As the film came to an end and the credits started rolling, I was filled with confusion. I was processing the film and tried to make sense of it. Who is this ‘Green Man,’ and why did he rebirth these awful men she had encountered, leading to the rebirth of her abusive ex-husband?

‘Green Man’ from the film Men. It symbolises rebirth, representing the cycle of new growth that occurs every spring.

After a while, I realised that maybe this is one of those ‘up to your own interpretation’ films. As mentioned earlier, I saw the men as the different aspects of her ex-husband. However, after seeing the rebirth scene, I’ve come down to different types of exposition.

Extending this interpretation, each of the men that tormented Harper were the various aspects of her ex-husband, meaning multiple forms of abuse such as sexual, emotional, physical etc. During the birthing scene, we see these traits peeled back to reveal her ex-husband. It highlights the cycle of abuse he put her through, which was seen through these men.

On the other hand, the whole of the third act (not just the birthing scene), I’ve interpreted it in the way of James coming back to haunt her. Harper’s initial response is confusion. This shows how the victims are usually in shock in most abusive relationships. She then retaliates and fights off the men, stabbing them in the same places where James was injured in his death. This represents how she ‘killed’ James (as he would argue), but it also shows how she combats her trauma and fends off the haunting images of James and the men in her mind.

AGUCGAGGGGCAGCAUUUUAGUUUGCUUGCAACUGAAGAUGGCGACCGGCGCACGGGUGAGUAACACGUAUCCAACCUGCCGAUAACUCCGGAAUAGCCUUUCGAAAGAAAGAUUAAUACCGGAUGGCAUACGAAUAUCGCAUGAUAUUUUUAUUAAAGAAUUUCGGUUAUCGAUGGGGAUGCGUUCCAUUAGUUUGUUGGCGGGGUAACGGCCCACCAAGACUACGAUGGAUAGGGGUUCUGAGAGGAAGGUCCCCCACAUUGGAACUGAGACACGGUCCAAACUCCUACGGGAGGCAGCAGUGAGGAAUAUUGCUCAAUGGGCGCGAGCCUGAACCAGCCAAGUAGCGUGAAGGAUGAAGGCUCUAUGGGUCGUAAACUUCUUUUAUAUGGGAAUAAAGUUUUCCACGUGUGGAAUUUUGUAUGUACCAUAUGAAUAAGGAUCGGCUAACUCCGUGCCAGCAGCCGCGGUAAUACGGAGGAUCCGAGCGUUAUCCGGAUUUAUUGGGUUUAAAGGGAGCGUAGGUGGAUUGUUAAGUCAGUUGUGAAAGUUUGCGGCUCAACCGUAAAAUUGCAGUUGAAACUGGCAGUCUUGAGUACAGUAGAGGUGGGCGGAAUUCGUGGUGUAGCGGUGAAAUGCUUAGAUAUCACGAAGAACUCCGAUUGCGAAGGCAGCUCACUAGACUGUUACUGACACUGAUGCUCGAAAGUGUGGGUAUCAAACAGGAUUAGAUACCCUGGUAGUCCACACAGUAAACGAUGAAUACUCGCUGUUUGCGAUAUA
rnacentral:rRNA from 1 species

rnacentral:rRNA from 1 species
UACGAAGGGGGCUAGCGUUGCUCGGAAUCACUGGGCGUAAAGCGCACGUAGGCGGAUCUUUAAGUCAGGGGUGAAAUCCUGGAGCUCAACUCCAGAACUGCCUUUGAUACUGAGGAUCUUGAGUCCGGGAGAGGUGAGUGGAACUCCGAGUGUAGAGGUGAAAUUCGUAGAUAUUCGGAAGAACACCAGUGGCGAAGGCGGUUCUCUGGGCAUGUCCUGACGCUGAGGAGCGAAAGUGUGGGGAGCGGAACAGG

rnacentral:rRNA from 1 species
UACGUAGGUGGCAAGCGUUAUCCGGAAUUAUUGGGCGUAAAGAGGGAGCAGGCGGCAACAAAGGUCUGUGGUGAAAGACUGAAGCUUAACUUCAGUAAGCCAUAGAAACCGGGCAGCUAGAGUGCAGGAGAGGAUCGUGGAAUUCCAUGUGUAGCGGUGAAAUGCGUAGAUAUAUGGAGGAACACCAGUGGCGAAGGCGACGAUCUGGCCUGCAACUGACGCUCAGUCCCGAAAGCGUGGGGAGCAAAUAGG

When James was reborn, in his purest form and no longer hiding behind the faces of these men, Harper can see him for what he really is: a product of a misogynistic and patriarchal society and a pathetic boy-like ‘victim’ begging for love. Harper could’ve fought them off like her best friend, Riley, says. But she realises it’s not worth her time, as fighting against the truth only prolongs the nightmare. Unfazed, Harper accepts James’ answer.

As Riley comes to the house, we see the damage being done to the house, and Harper may likely have imagined these events. The destroyed home can represent how mentally and emotionally destroyed she is, but Riley sees her suffering and validates her. She was also shown to be visibly pregnant, but it instead felt comforting to see, especially after the disturbing sequence of pregnant men, graphically giving birth.

This could symbolise that Riley’s presence is a pleasant reminder that although the patriarchy births men, raised by other men, passing on the same misogynistic mindset and values, they are not doomed to be this way because of women. The female influence can reform society like Riley longs to heal Harper.